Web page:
So tomorrow we are taking Mom to Belgium for what will surely be her last trip abroad, her last visit to the land of her birth, and most likely her last trip in an airplane. We are doing this just in time. (That is what I am hoping. We could also be doing it too late, in which case I can anticipate a meltdown at the junction of Rue de Chêne and Rue de L’Étuve, when Mom does not recognize Manneken Pis.) Her short-term memory is shrinking like wool in the dryer; sometimes her retention can be measured in seconds.
In preparation for this trip she has read a book about Belgian castles (lots of pictures, written in 4 languages, at least two she knows well), and has told me that she is surprised to learn that Belgium is full of old castles (22 times.) She praises my cousin Pascale for having given me this book (19 times.) She tells CSB that he will enjoy the flat countryside (11 times). She informs us (countless times) that although she was born in Belgium, she never lived there, as they moved immediately to Egypt after her birth. She has related (4 times) an apocryphal story of her maternal grandmother urinating in soup she was forced to serve to billeted German officers. (Mom has the wrong war.) Also in preparation Mom has had a massage, will have a facial later today, and tomorrow will get a wash and blow dry. I will take more Sudafed. So we are ready to go.
I am looking forward to finally seeing Geel. For years I have read about this unusual town outside of Antwerp, where for hundreds of years the inhabitants have taken in the mentally ill, and cared for them in their homes. The tradition goes back to the (possibly apocryphal) martyrdom of Saint Dymphna in the 7th century. She was the Christian daughter of a pagan Irish king. Her beautiful mother died when Dymphna was young, and her father the king vowed he would never marry again unless he found someone as beautiful as his beloved dead wife. When Dymphna grew to be her mother’s spitting image, her father conceived an “unlawful passion” for his daughter, and she had to flee from her homeland. She went with her confessor, Gerebernus and they ended up in a forest outside Antwerp. That should have been far enough and remote enough, but it wasn’t, and her father discovered refugees in their sanctuary. Again she refused his incestuous overtures, and the king ordered his soldiers to kill both Dymphna and Gerebernus. But the soldiers refused to decapitate the lovely young girl, in the end her father did the deed himself. (Sounds like mental illness to me.) Their martyred bodies were buried by angels, and over the years the place and the relics were imbued with miraculous healing powers. Pilgrims came from all over, and brought along lunatics, epileptics and sleepwalkers to be cured. The tradition continues, and Dymphna is the patron saint of lunatics, sleepwalkers, epileptics, incest victims, those with neurological disorders, princesses, runaways and therapists. We would be remiss not to make the pilgrimage.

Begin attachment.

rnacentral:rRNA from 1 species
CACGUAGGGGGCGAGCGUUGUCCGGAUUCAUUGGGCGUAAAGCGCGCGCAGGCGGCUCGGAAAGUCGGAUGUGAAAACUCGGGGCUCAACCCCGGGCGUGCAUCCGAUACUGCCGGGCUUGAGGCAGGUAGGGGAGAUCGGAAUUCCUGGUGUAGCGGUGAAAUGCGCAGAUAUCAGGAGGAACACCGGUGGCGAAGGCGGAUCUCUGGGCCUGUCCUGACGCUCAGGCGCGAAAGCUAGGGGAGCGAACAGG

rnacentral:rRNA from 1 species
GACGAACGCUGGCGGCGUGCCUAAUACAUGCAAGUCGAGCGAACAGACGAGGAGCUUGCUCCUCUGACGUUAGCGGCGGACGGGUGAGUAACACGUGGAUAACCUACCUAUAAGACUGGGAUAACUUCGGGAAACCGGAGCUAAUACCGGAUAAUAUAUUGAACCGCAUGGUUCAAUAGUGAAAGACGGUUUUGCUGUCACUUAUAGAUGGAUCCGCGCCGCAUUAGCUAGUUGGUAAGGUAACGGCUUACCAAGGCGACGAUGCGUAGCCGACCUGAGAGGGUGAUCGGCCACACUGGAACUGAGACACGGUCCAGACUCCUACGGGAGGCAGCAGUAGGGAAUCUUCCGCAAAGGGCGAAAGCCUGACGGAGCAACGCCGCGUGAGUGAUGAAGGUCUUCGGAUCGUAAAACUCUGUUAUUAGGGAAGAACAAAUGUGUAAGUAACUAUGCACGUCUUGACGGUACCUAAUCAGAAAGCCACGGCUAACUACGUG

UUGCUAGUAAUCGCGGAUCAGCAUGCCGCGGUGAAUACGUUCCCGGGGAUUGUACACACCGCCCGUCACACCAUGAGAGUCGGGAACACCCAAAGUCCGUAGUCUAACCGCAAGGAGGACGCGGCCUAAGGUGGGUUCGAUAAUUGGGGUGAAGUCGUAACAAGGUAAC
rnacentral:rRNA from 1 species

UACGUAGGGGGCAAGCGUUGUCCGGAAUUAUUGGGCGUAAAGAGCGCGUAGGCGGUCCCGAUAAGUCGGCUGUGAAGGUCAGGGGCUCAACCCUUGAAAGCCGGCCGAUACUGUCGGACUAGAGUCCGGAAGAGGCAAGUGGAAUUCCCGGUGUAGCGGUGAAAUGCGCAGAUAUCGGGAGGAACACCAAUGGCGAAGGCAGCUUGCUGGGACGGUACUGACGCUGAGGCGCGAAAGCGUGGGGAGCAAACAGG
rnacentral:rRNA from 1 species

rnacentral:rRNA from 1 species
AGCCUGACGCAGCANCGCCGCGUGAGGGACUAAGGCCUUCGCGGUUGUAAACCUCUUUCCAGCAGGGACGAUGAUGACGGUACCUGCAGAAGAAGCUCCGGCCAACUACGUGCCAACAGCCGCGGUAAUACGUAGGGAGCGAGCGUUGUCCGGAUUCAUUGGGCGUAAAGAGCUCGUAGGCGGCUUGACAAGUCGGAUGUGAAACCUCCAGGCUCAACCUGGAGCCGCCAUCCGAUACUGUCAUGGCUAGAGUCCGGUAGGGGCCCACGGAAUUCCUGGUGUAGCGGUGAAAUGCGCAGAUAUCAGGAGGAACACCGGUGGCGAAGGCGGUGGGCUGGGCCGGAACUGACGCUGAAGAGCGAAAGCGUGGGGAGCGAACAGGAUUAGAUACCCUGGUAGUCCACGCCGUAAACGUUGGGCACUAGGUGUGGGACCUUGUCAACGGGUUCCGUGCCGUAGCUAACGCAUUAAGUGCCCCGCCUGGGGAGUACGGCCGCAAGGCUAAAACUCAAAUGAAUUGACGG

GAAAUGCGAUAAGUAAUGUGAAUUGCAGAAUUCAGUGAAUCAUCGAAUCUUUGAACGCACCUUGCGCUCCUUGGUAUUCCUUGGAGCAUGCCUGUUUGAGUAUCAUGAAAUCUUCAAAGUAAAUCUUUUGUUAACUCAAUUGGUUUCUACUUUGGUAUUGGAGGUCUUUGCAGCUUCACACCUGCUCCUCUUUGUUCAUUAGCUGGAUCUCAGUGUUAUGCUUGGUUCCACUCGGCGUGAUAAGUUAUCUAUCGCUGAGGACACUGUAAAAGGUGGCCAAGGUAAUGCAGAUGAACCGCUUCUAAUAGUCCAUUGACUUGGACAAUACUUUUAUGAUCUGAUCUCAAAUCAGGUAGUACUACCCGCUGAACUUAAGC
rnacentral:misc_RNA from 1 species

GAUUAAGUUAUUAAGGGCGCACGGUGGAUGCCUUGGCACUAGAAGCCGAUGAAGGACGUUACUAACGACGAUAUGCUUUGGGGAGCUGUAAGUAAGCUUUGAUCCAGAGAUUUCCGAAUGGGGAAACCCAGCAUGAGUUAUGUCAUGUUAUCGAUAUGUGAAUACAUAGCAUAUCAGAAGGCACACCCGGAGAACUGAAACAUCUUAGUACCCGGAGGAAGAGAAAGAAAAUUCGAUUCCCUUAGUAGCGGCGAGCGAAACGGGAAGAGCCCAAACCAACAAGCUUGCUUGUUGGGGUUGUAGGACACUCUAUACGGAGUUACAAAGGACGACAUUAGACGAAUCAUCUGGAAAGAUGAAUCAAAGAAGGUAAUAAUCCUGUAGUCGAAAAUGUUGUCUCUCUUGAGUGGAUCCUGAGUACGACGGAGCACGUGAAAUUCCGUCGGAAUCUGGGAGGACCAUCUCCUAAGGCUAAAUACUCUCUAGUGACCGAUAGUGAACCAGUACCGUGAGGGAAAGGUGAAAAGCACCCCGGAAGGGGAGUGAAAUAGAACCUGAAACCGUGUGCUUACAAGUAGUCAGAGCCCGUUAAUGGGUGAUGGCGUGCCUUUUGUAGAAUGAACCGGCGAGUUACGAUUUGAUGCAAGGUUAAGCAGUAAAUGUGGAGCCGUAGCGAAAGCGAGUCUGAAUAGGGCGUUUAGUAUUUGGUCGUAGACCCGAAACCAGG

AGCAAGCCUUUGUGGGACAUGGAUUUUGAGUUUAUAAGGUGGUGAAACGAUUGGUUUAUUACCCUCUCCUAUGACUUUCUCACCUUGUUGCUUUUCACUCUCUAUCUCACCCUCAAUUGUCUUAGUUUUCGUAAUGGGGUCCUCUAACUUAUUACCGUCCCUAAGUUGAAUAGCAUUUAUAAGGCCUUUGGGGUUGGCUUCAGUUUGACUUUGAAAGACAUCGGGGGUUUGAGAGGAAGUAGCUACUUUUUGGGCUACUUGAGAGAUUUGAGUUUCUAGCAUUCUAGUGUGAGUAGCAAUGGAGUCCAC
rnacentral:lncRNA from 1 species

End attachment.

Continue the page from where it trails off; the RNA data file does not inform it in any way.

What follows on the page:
The beheading of St Dymphna by Godfried Maes (1649-1700), a member of the Antwerp Guild of St Luke; he was particularly good at ceiling designs.
Meanwhile, I am reading about new tests one can take to learn if one has the ApoE4 gene that indicates a high likelihood of getting Alzheimer’s. Should I get this test? Having an exit strategy is not a bad idea.